Labelled a reserved pushover by her co-workers, Tamara Britton finds a deeper understanding of God and her family history at the Care for Kids Agency, through the bond she forms with Sienna Larson - the young girl who she has taken into her home.
The characters learn that no matter what the circumstance, God is in control of not just some things but of all things.
"Edwards has written a superb debut novel about children growing up in the child welfare system. Tamara Britton is a caseworker for the Care for Kids Agency in Springfield, Illinois. She works with at-risk children and families in the child protective unit. Tamara has lived much of her life trying to avoid being noticed. Yet, in spite of her timid disposition, she is a strong advocate for her clients. When she accepts responsibility and lets 14-year-old runaway Sienna Larson live with her temporarily, her uneventful life is disrupted. Sienna's intrusion into Tamara's way of doing things causes many upsets and conflicts. It isn't until Tamara learns about her own family's past that she is able to truly live in the present. She and Sienna discover that they have room to love one another, renew their spirituality, and love themselves. Sierra and Tamara find in one another that missing family that they both long for. --Lillian Lewis Copyright 2005 Booklist"
From Booklist, Copyright (c) American Library Association. Used with permission.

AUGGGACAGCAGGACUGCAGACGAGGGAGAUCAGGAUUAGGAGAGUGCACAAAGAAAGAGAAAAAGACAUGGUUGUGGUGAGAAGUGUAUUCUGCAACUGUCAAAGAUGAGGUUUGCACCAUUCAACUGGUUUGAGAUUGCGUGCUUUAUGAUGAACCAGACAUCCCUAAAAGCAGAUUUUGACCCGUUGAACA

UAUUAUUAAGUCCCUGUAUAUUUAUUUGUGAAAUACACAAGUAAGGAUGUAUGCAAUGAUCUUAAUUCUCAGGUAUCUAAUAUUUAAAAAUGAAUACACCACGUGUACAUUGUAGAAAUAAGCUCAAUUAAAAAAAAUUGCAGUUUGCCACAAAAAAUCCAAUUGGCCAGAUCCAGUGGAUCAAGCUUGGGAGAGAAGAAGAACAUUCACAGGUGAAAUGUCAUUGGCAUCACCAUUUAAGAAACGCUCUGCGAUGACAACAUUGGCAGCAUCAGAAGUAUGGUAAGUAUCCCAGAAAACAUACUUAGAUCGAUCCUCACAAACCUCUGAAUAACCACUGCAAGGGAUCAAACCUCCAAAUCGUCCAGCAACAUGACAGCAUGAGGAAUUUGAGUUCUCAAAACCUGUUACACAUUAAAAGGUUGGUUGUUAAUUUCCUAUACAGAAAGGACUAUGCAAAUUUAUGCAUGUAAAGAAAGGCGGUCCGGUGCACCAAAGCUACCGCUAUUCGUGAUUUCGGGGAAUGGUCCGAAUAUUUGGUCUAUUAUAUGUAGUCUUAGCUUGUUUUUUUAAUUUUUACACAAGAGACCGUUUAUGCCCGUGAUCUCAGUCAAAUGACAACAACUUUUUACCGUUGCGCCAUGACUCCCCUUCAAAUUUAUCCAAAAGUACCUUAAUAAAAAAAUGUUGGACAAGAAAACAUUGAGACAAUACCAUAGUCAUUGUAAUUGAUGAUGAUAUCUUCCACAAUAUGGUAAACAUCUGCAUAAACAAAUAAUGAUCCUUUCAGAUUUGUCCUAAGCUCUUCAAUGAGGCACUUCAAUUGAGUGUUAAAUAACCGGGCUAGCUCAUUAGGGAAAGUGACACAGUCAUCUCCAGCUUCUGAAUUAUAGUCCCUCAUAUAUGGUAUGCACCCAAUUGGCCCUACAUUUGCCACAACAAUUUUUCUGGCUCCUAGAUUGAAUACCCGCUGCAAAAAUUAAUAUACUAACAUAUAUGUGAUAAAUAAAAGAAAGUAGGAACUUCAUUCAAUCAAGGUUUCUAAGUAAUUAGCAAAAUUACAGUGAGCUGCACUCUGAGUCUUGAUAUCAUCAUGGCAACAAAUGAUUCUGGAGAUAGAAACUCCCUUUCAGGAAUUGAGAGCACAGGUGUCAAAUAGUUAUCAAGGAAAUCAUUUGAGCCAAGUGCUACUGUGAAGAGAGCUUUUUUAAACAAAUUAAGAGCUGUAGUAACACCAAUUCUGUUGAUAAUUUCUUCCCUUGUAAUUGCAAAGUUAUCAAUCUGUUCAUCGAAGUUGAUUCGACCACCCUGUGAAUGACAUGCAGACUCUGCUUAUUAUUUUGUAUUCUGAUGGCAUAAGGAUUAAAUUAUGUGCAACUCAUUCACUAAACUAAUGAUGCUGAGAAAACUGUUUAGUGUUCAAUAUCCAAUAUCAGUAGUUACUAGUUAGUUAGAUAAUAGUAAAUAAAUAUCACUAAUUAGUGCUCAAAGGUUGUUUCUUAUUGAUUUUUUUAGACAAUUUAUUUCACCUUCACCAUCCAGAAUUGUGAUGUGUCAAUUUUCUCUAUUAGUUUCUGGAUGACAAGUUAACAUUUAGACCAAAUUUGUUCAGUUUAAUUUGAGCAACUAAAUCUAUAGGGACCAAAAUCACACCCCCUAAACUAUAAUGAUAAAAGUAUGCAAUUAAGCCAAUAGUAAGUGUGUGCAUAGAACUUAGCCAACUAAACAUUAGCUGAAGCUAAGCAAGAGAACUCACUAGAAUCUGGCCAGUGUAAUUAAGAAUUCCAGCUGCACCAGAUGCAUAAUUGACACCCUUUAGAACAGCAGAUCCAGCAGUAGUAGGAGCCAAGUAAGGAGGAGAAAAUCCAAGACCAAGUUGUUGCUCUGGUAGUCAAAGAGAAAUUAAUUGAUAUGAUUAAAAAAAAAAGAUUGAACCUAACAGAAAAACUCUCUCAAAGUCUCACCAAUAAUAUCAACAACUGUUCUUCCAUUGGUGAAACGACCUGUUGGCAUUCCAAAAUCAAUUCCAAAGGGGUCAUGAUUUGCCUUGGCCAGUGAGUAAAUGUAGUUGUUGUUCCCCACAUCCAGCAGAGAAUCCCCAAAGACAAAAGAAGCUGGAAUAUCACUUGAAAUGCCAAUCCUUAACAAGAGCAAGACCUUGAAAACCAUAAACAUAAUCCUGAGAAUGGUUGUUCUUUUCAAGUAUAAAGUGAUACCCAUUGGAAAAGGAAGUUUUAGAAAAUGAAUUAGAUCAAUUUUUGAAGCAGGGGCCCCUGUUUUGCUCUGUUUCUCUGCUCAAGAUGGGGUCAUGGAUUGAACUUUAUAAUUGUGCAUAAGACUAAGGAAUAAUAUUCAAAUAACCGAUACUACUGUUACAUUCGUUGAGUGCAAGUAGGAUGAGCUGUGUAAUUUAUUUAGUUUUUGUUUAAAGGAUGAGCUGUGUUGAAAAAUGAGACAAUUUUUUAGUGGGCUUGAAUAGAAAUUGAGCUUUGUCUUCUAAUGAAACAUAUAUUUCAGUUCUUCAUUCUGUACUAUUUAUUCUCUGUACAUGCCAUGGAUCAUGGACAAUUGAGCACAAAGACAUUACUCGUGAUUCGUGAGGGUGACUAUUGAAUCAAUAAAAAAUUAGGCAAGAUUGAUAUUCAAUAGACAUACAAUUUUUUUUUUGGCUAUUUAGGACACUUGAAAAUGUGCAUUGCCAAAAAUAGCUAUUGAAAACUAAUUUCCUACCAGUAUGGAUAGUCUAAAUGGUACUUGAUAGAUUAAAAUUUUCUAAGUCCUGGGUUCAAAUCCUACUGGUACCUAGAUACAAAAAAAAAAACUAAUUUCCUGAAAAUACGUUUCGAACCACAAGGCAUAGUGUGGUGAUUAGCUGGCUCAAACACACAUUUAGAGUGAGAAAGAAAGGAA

Publisher's Weekly Review:
"The protagonist of this debut novel is Tamara Britton, a reserved, devoted child welfare worker. The 30-something's quiet, tidy life is turned upside-down when her boss asks her to temporarily take in a foul-mouthed teen runaway named Sienna. During this stint as a foster mom, Tamara has to supervise homework, discuss teenage sexuality and wade into the murky world of pop culture. She is also motivated to put together some of the pieces of her own interrupted childhood and travels to prisons and hospitals in search of birth parents she never knew. Edwards richly develops the novel's characters, especially those who play supporting parts. Tamara's outrageous friend and colleague, Lynette, is a hoot, and Lynette and Tamara's sharply dressed but racist boss is well drawn. Still, the novel is far from perfect. The two plots Tamara and Sienna's relationship, and Tamara's own childhood tie together at the end, but the connections require coincidences that strain credulity. The stock features of CBA fiction are all predictably there: Tamara, who has never dated, is suddenly wooed by two fine men. And she not only finds love but also her faith at a church altar call. This contribution to the flourishing field of African-American Christian fiction is promising, though it also suffers from first-timer flaws. (Apr. 20) (c) Copyright PWxyz, LLC. All rights reserved"
(c) Copyright PWxyz, LLC. All rights reserved